The Kingdom of Heaven

by Sylvia Bambola December 16, 2013 15:45 PM

Here’s an interesting parable. Matthew 20:1-16 compares the Kingdom of Heaven to an owner of an estate who went out early in the morning to hire laborers for his vineyard. He promised them each a denarius (a penny) which was the standard day’s wage at the time. He continued hiring laborers throughout the day promising to pay them “whatever is right.” He does this at the third, sixth and ninth hour. Even as late as the eleventh hour he’s still hiring. The eleventh hour translates to five o’clock, which is really at or close to the end of the work day. In fact, the Bible tells us these people worked no more than an hour. But here’s the strange part. When it came time to pay the workers the owner paid them all one denarius each, even those who started working at five o’clock! As you can imagine, this didn’t sit well with those who started work at the crack of dawn, and they voiced their complaints. We’ve been working all day in the hot sun, they whined, and this is what we get? Surely we deserve more! The King James says they complained because the owner had made these late comers “equal” to them.

And how does the owner answer? “Friend, I am doing you no injustice. Did you not agree with me for a denarius? I choose to give to this man hired last the same as I give to you . . . Am I not permitted to do what I choose with what is mine?” 

At first glance this seems unfair. After all, why should someone who has worked hard all day be paid the same as someone who has barely worked an hour? But we’re talking about the Kingdom of Heaven here not a worldly kingdom, and the rules for the heavenly kingdom rarely match those found in this earthly realm.

So what to make of it? First we must consider the times of day mention in this parable. The third, the sixth and the ninth hour are all significant. It was the third hour when, according to Mark 15:25 “they crucified” Jesus. Mark goes on to tell us in verse 33 that “when the sixth hour was come, there was darkness over the whole land until the ninth hour.” And it was at the ninth hour that “Jesus cried with a loud voice, and gave up the ghost.” So we see that the entire scenario in this parable of the estate owner is a reminder that it’s only because of what happened during the hours of Jesus’ crucifixion that God, the owner of the heavenly estate, is able to call us into His vineyard at all. Had the crucifixion not taken place we would forever be relegated to the outside of the vineyard, never able to come in.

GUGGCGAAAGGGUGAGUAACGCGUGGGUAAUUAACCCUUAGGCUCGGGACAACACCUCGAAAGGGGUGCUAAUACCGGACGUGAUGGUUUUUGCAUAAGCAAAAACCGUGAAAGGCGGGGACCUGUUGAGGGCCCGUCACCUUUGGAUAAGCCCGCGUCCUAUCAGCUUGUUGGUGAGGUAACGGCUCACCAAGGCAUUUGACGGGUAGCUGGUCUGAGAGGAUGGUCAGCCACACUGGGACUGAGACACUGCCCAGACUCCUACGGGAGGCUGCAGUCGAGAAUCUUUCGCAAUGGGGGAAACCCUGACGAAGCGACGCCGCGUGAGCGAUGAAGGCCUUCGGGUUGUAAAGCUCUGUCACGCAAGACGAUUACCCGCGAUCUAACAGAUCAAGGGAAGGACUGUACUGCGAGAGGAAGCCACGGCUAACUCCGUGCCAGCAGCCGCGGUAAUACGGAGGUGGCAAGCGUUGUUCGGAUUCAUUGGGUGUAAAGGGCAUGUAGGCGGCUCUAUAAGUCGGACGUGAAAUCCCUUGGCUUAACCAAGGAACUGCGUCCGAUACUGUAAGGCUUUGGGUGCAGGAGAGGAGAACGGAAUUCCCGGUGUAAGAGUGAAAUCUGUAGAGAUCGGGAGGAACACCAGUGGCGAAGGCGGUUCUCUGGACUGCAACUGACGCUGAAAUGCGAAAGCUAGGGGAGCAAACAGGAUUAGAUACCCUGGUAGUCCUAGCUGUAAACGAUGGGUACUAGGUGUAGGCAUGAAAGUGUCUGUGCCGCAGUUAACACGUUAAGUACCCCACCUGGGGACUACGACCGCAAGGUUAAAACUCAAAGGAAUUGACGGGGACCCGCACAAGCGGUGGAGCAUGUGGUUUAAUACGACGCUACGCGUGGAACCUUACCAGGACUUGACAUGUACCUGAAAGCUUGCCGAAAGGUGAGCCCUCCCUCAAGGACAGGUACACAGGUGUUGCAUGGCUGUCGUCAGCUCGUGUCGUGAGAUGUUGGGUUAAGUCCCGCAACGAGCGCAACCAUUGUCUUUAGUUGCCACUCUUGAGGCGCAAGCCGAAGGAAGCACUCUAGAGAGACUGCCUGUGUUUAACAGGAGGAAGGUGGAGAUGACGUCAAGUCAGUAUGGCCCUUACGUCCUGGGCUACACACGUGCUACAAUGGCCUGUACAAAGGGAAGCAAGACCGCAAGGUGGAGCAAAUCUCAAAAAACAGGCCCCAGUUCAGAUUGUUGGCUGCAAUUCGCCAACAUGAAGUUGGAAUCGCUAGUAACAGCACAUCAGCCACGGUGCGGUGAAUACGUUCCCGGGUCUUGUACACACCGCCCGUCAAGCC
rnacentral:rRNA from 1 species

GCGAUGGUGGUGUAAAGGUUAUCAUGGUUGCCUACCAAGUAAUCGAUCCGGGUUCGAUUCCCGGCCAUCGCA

But what of the eleventh hour? The time the last batch of workers began their job? That’s five o’clock. As I’ve stated before, numbers have meanings, and here the number five is the number for grace. That alone speaks volumes. Grace equalizes everything. It is only by grace that we can enter God’s vineyard. “For by grace are ye saved through faith; and that not of yourselves: it is the gift of God: not of works, lest any man should boast. Ephesians 2:8-9” And it is only by God’s grace that we can labor for God at all. So grace is the message here. We enter God’s vineyard, His Kingdom, by grace and we labor in it by grace.

But something else struck me, too. It is the fact that those who came last into the vineyard were equal to those who came first. This is good news for all us sinners, especially those who are closer to the end of their lives rather than the beginning. It tells us that no matter how late in life we come to the Lord we are still valued, and in fact, equal, to those who have labored all their lives for Him. In other words a poor homeless drunk who comes to the Lord on his/her deathbed is just as valued by God as someone like Billy Graham. Now that’s remarkable! Keep in mind I’m not talking about crowns here. Yes, each of us will get different “crowns” based on what we’ve done in our life but equality as a child of God though acceptance of Jesus, that we all have.

Once again we see the heart of God, His goodness, His desire to bring us all into His “vineyard,” and the esteem in which He holds each of us. Amazing isn’t it!

Until next time,

Sylvia

Category: Spirituality

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